Bryce Harper, Jonathan Papelbon, And The Problem With Unwritten Rules
There's nothing all that complicated about Jonathan Papelbon choking out Bryce Harper. But it's no surprise in a game governed by contradictory, unwritten rules.
Tommy Gilligan-USA TODAY Sports
In baseball, nothing says your season is over like a closer strangling his MVP teammate, mid-game, on national television. There are other ways to signal irrelevance, of course, but Jonathan Papelbon taking Bryce Harper by his throat and slamming him into the concrete of the Nationals' home dugout wall on Sunday was both a novel and action-packed way of doing it. The kerfuffle embarrassed everyone involved, and left fans to wonder if this was a case of deeper team issues bubbling to the surface.
Possibly. Something is clearly not cooking right in Washington, but this particular simple assault unfolded in a very complicated workplace.
Baseball is a hell of a place to work. Think about what would happen in your working world if you took a co-worker by the throat and a mob of junior executives had to drag you apart like a pair of crazed dogs?
Worst case, you're both fired, someone's arrested for assault, and lawsuits get passed around like pink eye. Best case is unpaid leave and some HR-mandated anger management courses. In baseball, however, you shower, ice your throat, and get ready for the next game, tying the issue off with a bow as Harper did, saying, "I mean, he (Papelbon) apologized, so, whatever... It's like brothers fighting, that's what happens."
Right, that's what happens. Which is why Matt Williams, who didn't even see all this go down despite being the team's manager and sitting in the same dugout, can say something as benign as, "It's no fun when stuff like this happens, but it does happen, and you must deal with it, and that is what we do," and, poof, it all goes away.
Hurray! Another crisis averted by complete and utter apathy—the hallmark of a manager whose job will also vanish with a poof come the end of the season.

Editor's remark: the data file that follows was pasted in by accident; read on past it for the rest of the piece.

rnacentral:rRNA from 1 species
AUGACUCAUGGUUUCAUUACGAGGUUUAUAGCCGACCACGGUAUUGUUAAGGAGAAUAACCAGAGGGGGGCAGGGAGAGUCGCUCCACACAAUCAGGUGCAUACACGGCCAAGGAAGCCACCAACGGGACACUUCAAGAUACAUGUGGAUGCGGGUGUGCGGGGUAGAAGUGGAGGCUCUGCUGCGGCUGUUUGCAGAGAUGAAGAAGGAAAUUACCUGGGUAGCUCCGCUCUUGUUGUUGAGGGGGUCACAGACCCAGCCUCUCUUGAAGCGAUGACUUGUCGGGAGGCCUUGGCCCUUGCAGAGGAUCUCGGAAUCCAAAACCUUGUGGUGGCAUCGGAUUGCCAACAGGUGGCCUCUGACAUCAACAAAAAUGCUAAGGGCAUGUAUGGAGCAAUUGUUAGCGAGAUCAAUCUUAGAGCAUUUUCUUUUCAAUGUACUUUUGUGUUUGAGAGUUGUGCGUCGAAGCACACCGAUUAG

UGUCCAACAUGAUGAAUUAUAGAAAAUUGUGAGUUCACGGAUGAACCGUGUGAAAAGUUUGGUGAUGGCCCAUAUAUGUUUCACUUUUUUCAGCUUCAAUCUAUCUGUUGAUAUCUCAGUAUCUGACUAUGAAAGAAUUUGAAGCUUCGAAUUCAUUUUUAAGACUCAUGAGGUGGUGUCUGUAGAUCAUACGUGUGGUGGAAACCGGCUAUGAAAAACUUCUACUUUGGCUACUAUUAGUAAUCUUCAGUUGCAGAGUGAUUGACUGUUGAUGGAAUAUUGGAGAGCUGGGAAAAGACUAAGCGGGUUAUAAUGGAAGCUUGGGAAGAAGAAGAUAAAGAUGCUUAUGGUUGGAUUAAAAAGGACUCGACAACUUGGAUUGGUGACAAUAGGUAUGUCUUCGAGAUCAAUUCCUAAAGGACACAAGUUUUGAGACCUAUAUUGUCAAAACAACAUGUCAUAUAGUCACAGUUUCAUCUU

But how can a manager, or even the players themselves, be this apathetic about a fight among teammates? Simply put, because it's the logical conclusion of the testosterone-driven, dick-measuring culture that is the basis for nearly every unwritten rule the sport has ever concocted.
In a locker room, the moral high ground is attained via getting older, not wiser. Thus, he who has been there longer makes the rules. This is Papelbon. The only way to change those rules, beyond becoming the longest-tenured yourself, is to play so well that the rules no longer apply to you. This is Harper. But, even then, you're not safe from the clubhouse purists who believe the sport should be played exclusively by battle-hardened veterans whose only emotional note is white-hot righteous anger.
There is a camp that believes this fight stems from the fact that Harper is a young, flashy, emotionally demonstrative prick who doesn't always hustle, can be whiny, and has been known to say brash stuff, like, "That's a clown question, bro." The only reason he hasn't gotten his comeuppance, in this reading, is because he's played well enough to avoid it.
Enter Papelbon; the perfect trigger-happy lunatic for the job of teaching superstars, home and away, lessons on proper baseball behavior. This is a guy who is deranged enough to drill Orioles star, Manny Machado, and then say "Perception is reality. If Manny thinks I hit him, that's what he thinks."
Uh, that's not what he thinks, Pap, that's actually what you did.